Seek Your G-Spot and Ye Shall Find
The G spot has long been heralded as the elusive female love spot that truly can send you to new heights of passion. But it’s not a modern day discovery — the ancient teaching of tantric love and sex have been aware of this female pleasure spot for milleniums. They call it the “Sacred Spot.”
For women, one of the first hurdle to jump is not just finding their G-spot, but believing it actually exists! A fair percentage of women and physicians will still say does not exist — but it does, trust me! Others just have a hard time feeling it. To help women access the treasure of pleasure and healing available in that area of the body, Muir teaches sacred spot massage.
It is believed that the sacred spot functions in the genitals similarly to the way the subconscious mind functions in the head — it is the keeper of all your sexual records, your pleasure, your pain, your grief. Memories of old broken hearts, broken hymens, sexual abuse, surgery and health issues, and poor sexual experiences are stored in the spongy area that rest right behind the pubic bone. The sacred spot—which is literally the size of a pea—is located in the upper wall of the vagina. When stimulated, in conjunction or separately from the clitoris, it arouses the female and she is capable of multiple orgasms and that mysterious, most coveted, controversial female ejaculation—known as “amrita” or “divine nectar.”
Graduating to G Spot Orgasms
Sexual desire and response evolve with time, as you learn more about what you like, and your partner, if you have a steady one, figures out more ways to please you. Discovering tantra, or any new practice, is about changing, growing and being exposed to new things. It doesn’t mean what you did before was bad — it’s learning a new skill that will bring pleasure to both you and your sweetheart. To master G-spot orgasms you have to give yourself time to learn and practice.
A G-spot orgasm has some of the same qualities of a clitoral orgasm — the building of excitement, the spreading of tingly feelings, the sense of urgency — yet it grows above and beyond anything previously experienced and expected. Not only does the explosion of pleasure feel like its shooting up toward your throat and moving sideways into the reproductive organs, it also is felt in the thighs and breasts. Most of all, it gives women a great sense of opening up and becoming more expansive!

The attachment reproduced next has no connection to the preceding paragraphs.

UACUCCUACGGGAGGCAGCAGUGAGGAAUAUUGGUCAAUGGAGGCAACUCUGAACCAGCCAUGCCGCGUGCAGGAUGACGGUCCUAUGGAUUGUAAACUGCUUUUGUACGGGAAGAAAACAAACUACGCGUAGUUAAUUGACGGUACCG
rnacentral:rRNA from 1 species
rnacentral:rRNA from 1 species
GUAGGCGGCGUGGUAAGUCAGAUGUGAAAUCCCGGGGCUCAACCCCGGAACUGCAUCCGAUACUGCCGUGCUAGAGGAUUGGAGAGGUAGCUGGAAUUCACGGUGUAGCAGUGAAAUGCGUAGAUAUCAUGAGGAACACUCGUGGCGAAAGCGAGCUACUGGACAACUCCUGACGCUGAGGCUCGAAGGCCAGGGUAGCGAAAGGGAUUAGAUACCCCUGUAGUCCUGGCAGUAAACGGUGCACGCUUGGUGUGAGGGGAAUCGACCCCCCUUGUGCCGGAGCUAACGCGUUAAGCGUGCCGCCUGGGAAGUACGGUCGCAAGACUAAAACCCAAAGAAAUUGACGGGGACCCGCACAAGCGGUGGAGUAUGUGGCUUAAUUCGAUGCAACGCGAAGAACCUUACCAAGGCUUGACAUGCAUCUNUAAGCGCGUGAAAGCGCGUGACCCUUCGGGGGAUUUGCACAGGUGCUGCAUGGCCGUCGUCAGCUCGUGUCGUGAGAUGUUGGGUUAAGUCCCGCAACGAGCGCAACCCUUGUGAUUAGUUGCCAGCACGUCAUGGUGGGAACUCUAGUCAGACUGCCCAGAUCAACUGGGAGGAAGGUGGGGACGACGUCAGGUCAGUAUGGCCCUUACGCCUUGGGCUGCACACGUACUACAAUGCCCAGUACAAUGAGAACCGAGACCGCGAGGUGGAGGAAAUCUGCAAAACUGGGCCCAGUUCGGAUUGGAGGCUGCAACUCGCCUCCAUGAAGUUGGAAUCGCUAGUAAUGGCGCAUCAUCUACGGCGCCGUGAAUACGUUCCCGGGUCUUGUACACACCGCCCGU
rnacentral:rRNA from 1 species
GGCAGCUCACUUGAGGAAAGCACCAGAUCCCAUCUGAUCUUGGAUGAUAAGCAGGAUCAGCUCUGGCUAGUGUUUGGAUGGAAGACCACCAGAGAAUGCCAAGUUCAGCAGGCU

By A. Charlotte Rose
I have been on the Fifty Shades of Grey beat for over a year and a half. In addition to covering the fun burst erotic expression women experience reading it, I’ve been researching the psychological, sociological, and sexual aspects of what led millions of women to fall in love with the story and characters, especially with Christian Grey.
What it is it that touched such a deep longing in readers? What is the secret sauce that made so many go ga-ga for Mr. Grey?
Over 90 million books have been sold and all three books were on the New York Times Bestseller list for what seemed like forever. While the trilogy follows a romantic fiction formula spiced with eroticism and suspense, it somehow has captured reader’s attention like no other book of its kind. Fifty Shades has opened a new conversation about female sexuality, has restored passion to many relationships, and it has kicked open an exciting new door in publishing for many writers already in the field or those thinking of writing steamy love stories.
In search of insight into what got readers so hooked [me included], I attended an informative lecture by sex therapist Sari Cooper, LCSW. Titled “Fifty Shades of Grey: What You Can Learn about Sex Esteem from the Bestseller,” it was delivered to an audience of psychoanalysts at Washington Square Institute in New York City (tough crowd, by the way). Cooper, a columnist for Psychology Today and an ASECT certified sex therapist, said she was even using the book to help couples. She outlined what she called “the erotic triggers” that are written into the book and said these triggers combined are what kept the heroine, Anastasia Steel (Ana) so stimulated and intrigued, and made the story so irresistible to readers.
“These are the multisensory messages that our bodies receive and that get us turned-on,” she explained. With her permission, here are the top 10 erotic triggers she outlined.
1. Powerful hero. “He is dark, mysterious, and possibly dangerous–a total Alpha male. He’s wild, dangerous, and unpredictable. Being with him is like a rollercoaster ride.”
2. Awakened Heroine. “She is innocent. She is the yin to the yang of Christian Grey. She is a young woman awakened by this man who knows a lot more. “
3. Christian Grey uses all the senses – taste, touch, sight, scent, sound. “For example, Ana is always talking about how he smells and he about her scent. He also consciously uses these different triggers to arouse her.”
4. Music is huge part of it. There are many musical moments in the book that inspire erotic or emotionally charged moments.